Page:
[My blog has many more readers now than it did a couple of years ago. With that in mind, from time to time I like to repost things I wrote some while ago. This post was originally posted in June 2014.]
A few months ago, I wrote a post called On being saved, in which I sought to address the question “What must I do to be saved?”. In other words, it was a post about the how of salvation.
Today I’d like to think about the question “What does it mean to be saved?”. In other words, this is a post about not the how but the what of salvation. Another way we could ask the question is “What are we saved for, or what are we saved into?”.
If you asked a random sample of western believers what is the purpose of salvation, I’m pretty sure a high proportion would give as their first answer something involving eternal life and/or “going to heaven” after you die. We see salvation largely as a kind of status that secures benefits for us that kick in once our time on this earth is done – a celestial insurance policy, if you will. Of course, there are also some benefits to be enjoyed now, but these largely revolve around the assurance of knowing that we are included in the group whose eternal destiny is sorted and secure.
This “now versus future” duality is so deeply ingrained in our western psyche that it’s hard for us to be aware of, let alone shake off.
In almost thirty years of being a Christian, I’ve sat through more evangelistic services than I could possibly count. The vast majority of them have operated on the premise of “selling” the benefits of eternal security in order to get people to “make a commitment” today. Often no apology is made for using extreme psychological and emotional pressure to get people to “pray the prayer”. The justification is apparently quite sound: when someone’s eternal destiny is at stake, you use any means you can to get them to sit up and take notice.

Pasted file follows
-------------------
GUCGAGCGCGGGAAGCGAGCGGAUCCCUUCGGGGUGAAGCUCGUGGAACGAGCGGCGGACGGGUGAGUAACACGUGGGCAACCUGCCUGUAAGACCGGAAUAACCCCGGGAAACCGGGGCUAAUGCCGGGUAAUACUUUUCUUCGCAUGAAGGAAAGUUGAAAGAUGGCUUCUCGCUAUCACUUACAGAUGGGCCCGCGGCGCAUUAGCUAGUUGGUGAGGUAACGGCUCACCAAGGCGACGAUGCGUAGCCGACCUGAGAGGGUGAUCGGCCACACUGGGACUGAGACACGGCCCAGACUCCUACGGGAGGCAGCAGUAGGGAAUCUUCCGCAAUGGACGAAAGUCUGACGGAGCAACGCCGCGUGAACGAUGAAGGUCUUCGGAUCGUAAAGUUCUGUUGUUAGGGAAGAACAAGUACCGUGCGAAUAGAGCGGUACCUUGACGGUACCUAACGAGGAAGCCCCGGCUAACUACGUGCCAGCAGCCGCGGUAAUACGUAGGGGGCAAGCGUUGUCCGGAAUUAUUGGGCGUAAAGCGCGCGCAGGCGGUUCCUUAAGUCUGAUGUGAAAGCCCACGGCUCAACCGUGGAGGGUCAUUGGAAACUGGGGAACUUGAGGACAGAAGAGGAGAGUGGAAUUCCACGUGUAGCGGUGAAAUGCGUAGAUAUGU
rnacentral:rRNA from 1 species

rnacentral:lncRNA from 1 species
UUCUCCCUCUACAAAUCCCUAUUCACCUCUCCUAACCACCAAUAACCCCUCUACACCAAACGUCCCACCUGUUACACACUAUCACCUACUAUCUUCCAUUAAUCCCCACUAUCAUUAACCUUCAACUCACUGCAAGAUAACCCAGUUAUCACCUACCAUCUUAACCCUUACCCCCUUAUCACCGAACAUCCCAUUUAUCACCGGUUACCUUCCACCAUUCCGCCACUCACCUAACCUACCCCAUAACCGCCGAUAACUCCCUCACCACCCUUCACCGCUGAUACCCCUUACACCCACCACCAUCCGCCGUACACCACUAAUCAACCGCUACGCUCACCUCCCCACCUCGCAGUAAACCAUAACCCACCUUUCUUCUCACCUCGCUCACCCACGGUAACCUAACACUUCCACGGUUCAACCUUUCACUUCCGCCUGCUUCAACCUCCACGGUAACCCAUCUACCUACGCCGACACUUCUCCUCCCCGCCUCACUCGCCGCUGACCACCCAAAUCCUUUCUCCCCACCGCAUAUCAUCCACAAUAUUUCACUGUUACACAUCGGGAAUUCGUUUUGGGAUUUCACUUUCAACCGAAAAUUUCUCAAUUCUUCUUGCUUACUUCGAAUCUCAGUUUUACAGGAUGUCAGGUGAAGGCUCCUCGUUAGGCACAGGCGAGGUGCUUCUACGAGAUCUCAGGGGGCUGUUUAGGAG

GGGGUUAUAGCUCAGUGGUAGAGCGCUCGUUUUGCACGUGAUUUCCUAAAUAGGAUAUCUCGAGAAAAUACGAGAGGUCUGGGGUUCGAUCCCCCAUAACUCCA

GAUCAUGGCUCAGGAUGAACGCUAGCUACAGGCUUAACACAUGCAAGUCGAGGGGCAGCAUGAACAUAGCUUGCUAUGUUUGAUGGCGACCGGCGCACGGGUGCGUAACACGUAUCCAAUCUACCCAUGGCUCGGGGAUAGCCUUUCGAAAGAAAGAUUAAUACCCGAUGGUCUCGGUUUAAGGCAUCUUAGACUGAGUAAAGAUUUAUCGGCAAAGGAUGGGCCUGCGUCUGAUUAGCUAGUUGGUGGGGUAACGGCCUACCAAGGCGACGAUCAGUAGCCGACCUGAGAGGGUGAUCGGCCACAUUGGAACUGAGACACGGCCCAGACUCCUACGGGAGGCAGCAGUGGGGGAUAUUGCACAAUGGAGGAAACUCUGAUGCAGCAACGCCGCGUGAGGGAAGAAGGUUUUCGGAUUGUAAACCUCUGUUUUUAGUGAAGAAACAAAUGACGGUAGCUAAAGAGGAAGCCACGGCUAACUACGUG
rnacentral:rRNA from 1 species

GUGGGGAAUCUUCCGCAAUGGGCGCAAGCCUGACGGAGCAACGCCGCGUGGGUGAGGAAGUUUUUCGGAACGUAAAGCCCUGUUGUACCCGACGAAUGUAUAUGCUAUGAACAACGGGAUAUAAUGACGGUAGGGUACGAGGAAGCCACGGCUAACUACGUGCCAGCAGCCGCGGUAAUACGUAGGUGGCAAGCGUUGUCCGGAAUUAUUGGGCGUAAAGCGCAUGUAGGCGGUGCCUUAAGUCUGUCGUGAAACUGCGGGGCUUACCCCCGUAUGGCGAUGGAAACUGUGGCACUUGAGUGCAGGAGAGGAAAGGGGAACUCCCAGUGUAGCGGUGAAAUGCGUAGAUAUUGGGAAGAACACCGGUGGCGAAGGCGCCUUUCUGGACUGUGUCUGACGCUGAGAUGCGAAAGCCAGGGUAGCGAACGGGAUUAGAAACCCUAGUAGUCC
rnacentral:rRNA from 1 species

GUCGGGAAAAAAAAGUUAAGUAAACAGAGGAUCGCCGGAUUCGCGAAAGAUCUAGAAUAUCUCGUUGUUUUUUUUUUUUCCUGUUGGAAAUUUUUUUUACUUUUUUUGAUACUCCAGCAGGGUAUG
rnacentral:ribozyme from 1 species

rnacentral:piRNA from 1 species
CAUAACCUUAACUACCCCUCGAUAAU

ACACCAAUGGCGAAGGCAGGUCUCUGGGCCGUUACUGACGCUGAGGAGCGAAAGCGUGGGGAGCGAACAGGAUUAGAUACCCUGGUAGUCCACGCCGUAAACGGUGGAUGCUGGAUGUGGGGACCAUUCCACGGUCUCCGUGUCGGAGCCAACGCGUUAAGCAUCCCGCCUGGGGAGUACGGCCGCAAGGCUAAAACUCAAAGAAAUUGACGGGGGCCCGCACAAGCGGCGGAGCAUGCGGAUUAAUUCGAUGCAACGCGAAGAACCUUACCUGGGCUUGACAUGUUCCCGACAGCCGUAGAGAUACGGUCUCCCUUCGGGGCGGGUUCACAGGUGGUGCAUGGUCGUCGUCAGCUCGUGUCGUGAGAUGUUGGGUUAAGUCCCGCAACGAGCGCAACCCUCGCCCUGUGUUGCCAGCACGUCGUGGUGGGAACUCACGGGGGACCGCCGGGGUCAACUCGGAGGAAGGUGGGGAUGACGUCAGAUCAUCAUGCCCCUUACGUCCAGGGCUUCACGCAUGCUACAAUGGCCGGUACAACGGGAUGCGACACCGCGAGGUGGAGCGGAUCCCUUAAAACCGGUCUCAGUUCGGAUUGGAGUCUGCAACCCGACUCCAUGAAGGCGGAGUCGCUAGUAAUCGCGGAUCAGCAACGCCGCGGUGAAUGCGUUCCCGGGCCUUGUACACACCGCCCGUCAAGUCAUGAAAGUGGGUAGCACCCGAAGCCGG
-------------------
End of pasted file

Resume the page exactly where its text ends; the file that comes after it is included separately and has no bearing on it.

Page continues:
If I sound uncharitable about those who practice this approach to evangelism, I don’t mean to. In most cases, they are deeply sincere and loving people who genuinely want the best for those they are addressing.
But I’ve been thinking. Specifically, about Jesus and his ministry. If you measure evangelistic efficiency by the number of appeals or altar calls made, Jesus wasn’t much of an evangelist. He didn’t go around trying to convince people to tick the right boxes so they could be saved. He mostly just encouraged people to repent and follow him. Which could be paraphrased “Change the way you think, and do like I do”.
I also note that Jesus had remarkably little to say about the afterlife, the hereafter, our eternal destination, or whatever else you might like to call it. What he did spend an enormous amount of time talking about was how we should live and relate to one another here and now, in the present. (It similarly strikes me that most of the rest of the New Testament is also much more concerned with how we should live now than with what happens to us after we die.)
It’s been noted on this blog and elsewhere that Jesus’ ethical teachings – i.e. his teachings about how to live well – often appear to be largely ignored by the church. This makes sense once you understand that the church often tends to see salvation as a future issue, whereas Jesus mostly seemed to see it as a present issue.
Think about it. If the content of salvation mainly consists of what happens to you after you die, then it’s only logical that any talk of life in this present world should be relegated to a place of secondary importance.